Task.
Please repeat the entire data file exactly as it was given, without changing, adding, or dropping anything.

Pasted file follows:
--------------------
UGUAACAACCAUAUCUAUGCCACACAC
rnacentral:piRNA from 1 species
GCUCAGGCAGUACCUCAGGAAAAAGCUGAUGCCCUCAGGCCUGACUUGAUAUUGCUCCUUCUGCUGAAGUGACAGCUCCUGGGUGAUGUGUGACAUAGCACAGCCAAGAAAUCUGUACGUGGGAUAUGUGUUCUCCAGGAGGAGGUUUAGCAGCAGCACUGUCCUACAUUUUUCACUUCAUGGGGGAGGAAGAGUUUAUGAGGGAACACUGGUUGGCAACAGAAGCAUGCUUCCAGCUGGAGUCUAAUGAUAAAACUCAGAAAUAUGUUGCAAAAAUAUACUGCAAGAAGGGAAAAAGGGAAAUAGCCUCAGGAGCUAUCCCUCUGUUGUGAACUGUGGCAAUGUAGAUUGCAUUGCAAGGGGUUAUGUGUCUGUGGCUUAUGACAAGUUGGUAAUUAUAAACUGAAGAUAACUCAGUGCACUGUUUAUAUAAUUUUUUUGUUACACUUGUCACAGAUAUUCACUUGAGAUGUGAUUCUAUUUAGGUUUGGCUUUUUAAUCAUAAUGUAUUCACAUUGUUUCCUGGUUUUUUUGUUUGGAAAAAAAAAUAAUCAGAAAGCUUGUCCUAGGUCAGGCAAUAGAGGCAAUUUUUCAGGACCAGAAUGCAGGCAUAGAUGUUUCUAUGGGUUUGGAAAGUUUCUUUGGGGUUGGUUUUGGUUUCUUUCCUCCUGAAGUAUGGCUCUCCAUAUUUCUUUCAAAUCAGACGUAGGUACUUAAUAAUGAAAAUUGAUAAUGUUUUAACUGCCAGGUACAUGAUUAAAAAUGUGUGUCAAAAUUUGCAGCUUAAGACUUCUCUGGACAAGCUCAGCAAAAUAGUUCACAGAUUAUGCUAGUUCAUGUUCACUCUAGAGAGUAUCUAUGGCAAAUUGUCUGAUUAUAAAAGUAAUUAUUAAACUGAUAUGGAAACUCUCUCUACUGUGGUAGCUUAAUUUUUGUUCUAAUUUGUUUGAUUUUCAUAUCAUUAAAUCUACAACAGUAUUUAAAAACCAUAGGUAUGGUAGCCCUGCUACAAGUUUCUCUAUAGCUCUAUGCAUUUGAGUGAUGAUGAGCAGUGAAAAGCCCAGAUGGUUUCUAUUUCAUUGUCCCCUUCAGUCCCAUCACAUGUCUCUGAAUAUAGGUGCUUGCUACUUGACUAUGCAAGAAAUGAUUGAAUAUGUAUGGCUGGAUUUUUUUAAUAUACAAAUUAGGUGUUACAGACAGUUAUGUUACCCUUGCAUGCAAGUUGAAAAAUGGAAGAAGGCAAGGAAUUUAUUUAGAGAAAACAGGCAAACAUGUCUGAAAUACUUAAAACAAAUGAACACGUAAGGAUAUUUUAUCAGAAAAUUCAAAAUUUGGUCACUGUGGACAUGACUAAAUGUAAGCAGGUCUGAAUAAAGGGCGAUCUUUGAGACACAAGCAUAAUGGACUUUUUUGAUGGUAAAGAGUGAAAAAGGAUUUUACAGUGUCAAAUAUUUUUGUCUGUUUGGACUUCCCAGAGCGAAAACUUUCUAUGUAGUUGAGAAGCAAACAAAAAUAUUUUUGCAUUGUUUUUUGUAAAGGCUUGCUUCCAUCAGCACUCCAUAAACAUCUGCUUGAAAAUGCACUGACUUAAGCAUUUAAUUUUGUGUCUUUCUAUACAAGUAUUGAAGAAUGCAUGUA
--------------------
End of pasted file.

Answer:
UGUAACAACCAUAUCUAUGCCACACAC
rnacentral:piRNA from 1 species
GCUCAGGCAGUACCUCAGGAAAAAGCUGAUGCCCUCAGGCCUGACUUGAUAUUGCUCCUUCUGCUGAAGUGACAGCUCCUGGGUGAUGUGUGACAUAGCACAGCCAAGAAAUCUGUACGUGGGAUAUGUGUUCUCCAGGAGGAGGUUUAGCAGCAGCACUGUCCUACAUUUUUCACUUCAUGGGGGAGGAAGAGUUUAUGAGGGAACACUGGUUGGCAACAGAAGCAUGCUUCCAGCUGGAGUCUAAUGAUAAAACUCAGAAAUAUGUUGCAAAAAUAUACUGCAAGAAGGGAAAAAGGGAAAUAGCCUCAGGAGCUAUCCCUCUGUUGUGAACUGUGGCAAUGUAGAUUGCAUUGCAAGGGGUUAUGUGUCUGUGGCUUAUGACAAGUUGGUAAUUAUAAACUGAAGAUAACUCAGUGCACUGUUUAUAUAAUUUUUUUGUUACACUUGUCACAGAUAUUCACUUGAGAUGUGAUUCUAUUUAGGUUUGGCUUUUUAAUCAUAAUGUAUUCACAUUGUUUCCUGGUUUUUUUGUUUGGAAAAAAAAAUAAUCAGAAAGCUUGUCCUAGGUCAGGCAAUAGAGGCAAUUUUUCAGGACCAGAAUGCAGGCAUAGAUGUUUCUAUGGGUUUGGAAAGUUUCUUUGGGGUUGGUUUUGGUUUCUUUCCUCCUGAAGUAUGGCUCUCCAUAUUUCUUUCAAAUCAGACGUAGGUACUUAAUAAUGAAAAUUGAUAAUGUUUUAACUGCCAGGUACAUGAUUAAAAAUGUGUGUCAAAAUUUGCAGCUUAAGACUUCUCUGGACAAGCUCAGCAAAAUAGUUCACAGAUUAUGCUAGUUCAUGUUCACUCUAGAGAGUAUCUAUGGCAAAUUGUCUGAUUAUAAAAGUAAUUAUUAAACUGAUAUGGAAACUCUCUCUACUGUGGUAGCUUAAUUUUUGUUCUAAUUUGUUUGAUUUUCAUAUCAUUAAAUCUACAACAGUAUUUAAAAACCAUAGGUAUGGUAGCCCUGCUACAAGUUUCUCUAUAGCUCUAUGCAUUUGAGUGAUGAUGAGCAGUGAAAAGCCCAGAUGGUUUCUAUUUCAUUGUCCCCUUCAGUCCCAUCACAUGUCUCUGAAUAUAGGUGCUUGCUACUUGACUAUGCAAGAAAUGAUUGAAUAUGUAUGGCUGGAUUUUUUUAAUAUACAAAUUAGGUGUUACAGACAGUUAUGUUACCCUUGCAUGCAAGUUGAAAAAUGGAAGAAGGCAAGGAAUUUAUUUAGAGAAAACAGGCAAACAUGUCUGAAAUACUUAAAACAAAUGAACACGUAAGGAUAUUUUAUCAGAAAAUUCAAAAUUUGGUCACUGUGGACAUGACUAAAUGUAAGCAGGUCUGAAUAAAGGGCGAUCUUUGAGACACAAGCAUAAUGGACUUUUUUGAUGGUAAAGAGUGAAAAAGGAUUUUACAGUGUCAAAUAUUUUUGUCUGUUUGGACUUCCCAGAGCGAAAACUUUCUAUGUAGUUGAGAAGCAAACAAAAAUAUUUUUGCAUUGUUUUUUGUAAAGGCUUGCUUCCAUCAGCACUCCAUAAACAUCUGCUUGAAAAUGCACUGACUUAAGCAUUUAAUUUUGUGUCUUUCUAUACAAGUAUUGAAGAAUGCAUGUA